The first rule of thumb for food selection is purchasing and eating real foods in their natural form. Of course, if you have food sensitivities or allergies, you’ll need to avoid the associated foods, no matter how real, healthy and wholesome!
Use real butter. Choose whole-fat, unprocessed dairy products.
Choose the least processed sweeteners available in nature and use them sparingly. Raw, unfiltered honey and pure maple syrup are good choices.
It goes without saying that you should choose whole eggs, not the packaged egg white products.
Buy whole lemons and squeeze the juice, rather than buying those silly plastic lemon shapes filled with juice squeezed no matter how long ago and filled with preservatives!
Eat a variety of fresh, seasonal vegetables. Eat some raw, some cooked, and some fermented.
Avoid fake foods and imitations of food
What are fake foods and imitations of foods? There are many of them. Margarine is an artificial imitation of butter. Likewise, artificial sweeteners . In other words, avoid processed foods or anything made from processed foods whenever possible.
Purchase real sausage and meats, not vegetarian versions! If you’re a committed vegetarian, eat real vegetarian foods rather than processed, fake meats.
And don’t get me started on the virtues of whipping your own heavy cream as opposed to spraying the fake version from the can.
Avoid genetically modified foods. They may look just like the real thing, but they are substantially different in terms of their nutrient content.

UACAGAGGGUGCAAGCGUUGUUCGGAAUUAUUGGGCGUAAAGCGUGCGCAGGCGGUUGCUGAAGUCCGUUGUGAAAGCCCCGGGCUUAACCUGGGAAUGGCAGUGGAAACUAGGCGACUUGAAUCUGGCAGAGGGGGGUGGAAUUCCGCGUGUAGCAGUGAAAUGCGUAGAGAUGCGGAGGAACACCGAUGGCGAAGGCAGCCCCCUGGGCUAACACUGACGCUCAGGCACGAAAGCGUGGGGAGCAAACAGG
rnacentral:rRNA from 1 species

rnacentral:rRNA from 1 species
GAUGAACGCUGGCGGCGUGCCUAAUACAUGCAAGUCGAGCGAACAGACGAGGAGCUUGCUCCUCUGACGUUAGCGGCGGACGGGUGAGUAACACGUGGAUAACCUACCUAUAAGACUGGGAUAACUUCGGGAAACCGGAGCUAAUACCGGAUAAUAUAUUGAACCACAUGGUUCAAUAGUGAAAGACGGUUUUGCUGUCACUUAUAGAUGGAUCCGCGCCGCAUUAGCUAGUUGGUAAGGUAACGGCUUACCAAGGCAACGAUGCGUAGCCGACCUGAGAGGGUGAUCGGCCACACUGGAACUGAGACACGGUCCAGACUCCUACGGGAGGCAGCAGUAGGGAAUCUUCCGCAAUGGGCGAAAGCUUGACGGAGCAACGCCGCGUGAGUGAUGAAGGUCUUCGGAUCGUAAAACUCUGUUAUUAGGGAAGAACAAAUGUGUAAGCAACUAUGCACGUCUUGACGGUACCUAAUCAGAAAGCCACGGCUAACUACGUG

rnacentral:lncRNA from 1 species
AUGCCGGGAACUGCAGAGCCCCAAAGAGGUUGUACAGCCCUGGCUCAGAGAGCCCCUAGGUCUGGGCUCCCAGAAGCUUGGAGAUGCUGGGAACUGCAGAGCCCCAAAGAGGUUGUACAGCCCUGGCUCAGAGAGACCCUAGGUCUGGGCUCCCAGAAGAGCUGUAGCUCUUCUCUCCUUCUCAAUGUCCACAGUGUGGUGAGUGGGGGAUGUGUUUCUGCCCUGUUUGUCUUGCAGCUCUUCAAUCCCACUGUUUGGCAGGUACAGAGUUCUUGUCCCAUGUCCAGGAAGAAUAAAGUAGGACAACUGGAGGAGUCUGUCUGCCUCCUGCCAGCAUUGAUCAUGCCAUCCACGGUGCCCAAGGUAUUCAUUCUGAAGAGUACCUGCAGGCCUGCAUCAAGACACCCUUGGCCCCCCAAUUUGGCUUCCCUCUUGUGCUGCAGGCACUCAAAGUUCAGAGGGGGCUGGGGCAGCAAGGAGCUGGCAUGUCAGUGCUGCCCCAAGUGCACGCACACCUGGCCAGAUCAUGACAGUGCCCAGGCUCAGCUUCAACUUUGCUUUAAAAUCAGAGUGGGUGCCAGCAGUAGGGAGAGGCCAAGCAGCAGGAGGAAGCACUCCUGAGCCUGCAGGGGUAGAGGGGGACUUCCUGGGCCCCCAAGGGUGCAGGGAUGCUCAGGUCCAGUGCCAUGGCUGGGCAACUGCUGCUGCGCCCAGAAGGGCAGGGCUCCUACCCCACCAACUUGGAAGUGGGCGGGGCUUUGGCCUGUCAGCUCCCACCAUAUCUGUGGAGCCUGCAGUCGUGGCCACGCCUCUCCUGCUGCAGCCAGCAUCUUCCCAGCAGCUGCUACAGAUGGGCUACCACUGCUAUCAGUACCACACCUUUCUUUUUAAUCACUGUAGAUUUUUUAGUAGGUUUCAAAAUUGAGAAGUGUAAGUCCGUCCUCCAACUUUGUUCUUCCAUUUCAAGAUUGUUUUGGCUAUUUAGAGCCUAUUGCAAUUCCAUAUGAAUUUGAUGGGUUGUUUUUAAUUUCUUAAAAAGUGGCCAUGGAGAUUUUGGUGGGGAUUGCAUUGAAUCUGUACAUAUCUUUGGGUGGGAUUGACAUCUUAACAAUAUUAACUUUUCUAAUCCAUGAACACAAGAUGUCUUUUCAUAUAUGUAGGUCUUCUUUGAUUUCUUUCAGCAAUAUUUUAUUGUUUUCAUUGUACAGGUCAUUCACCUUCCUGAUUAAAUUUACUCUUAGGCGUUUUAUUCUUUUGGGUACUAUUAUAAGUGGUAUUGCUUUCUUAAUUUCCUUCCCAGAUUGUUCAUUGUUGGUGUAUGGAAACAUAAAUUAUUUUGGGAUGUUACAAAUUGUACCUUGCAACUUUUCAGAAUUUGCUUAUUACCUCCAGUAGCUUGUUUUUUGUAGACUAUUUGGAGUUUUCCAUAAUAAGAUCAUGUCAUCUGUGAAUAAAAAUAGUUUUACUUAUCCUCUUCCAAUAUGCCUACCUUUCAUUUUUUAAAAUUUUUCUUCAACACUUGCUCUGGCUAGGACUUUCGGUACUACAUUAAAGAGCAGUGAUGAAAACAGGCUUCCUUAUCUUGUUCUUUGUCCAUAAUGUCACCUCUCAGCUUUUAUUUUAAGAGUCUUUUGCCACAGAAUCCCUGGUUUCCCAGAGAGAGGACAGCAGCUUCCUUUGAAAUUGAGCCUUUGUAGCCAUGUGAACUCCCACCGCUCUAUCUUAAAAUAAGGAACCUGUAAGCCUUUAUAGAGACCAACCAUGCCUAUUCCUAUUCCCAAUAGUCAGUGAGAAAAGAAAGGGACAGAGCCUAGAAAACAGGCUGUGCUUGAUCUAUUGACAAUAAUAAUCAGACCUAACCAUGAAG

Food selection tips
Organic, pasture-raised, wild-caught when possible
- Make sure you eat your fruits, vegetables, grains, nuts, seeds, meats, eggs and dairy products organic.
- Your meat, chicken, eggs and dairy products should be both organic and pasture-raised – meaning that the animals eat grass, not soy and cottonseed meal.
- Eat your fish and any product made from fish wild caught, not farmed.
- Your olive oil should be cold-pressed, unfiltered, organic and extra-virgin.
Don’t fear fats
Your food selection should include high-quality fats. Often people who eat too little fat crave junk foods and have problems concentrating. It is common to suffer from dry skin, hormonal imbalances and infertility when fat consumption is too low. Eating the right amount of healthy fats can be a great way to be more energetic and focused.
Unrefined sea salt
It’s important to include some Celtic sea salt, Redmond’s Real Salt (from the Utah desert) or Himalayan sea salt in your diet (and no commercial table salt!); these healthy salts are grey or pink in color and contain a rich profile of trace minerals; they are also free of aluminum and synthetic (toxic) iodine. Real salt nourishes the adrenal glands, helps the sodium/potassium balance that helps nutrients move in and out of the cell wall as necessary, supports mineral balance, and contains electrolytes that support hydration.
A rich and varied diet
Vary your foods as much as practically possible. In other words, make broth from beef, lamb, turkey, chicken, duck and more. Eat chicken, duck and quail eggs. Enjoy different types of nuts rather than sticking to your usual favorites. Include as many types of foods as your taste buds and imagination allow. Then, move beyond that!
Include as many types of nuts and seeds as your taste buds and imagination allow. If you consume dairy, try cow, sheep and goat products. Consume different kinds of healthy fats and different kinds of wild-caught seafood. Eat a rainbow of colored veggies.
Try new foods from your local health food store or farmers market. If you can, grow a garden. If you live near nature, learn how to wildcraft herbs. Stinging nettles, dandelions, chickory, wild thyme, mallow and yellow dock are among the more common edible herbs you can incorporate into your cooking.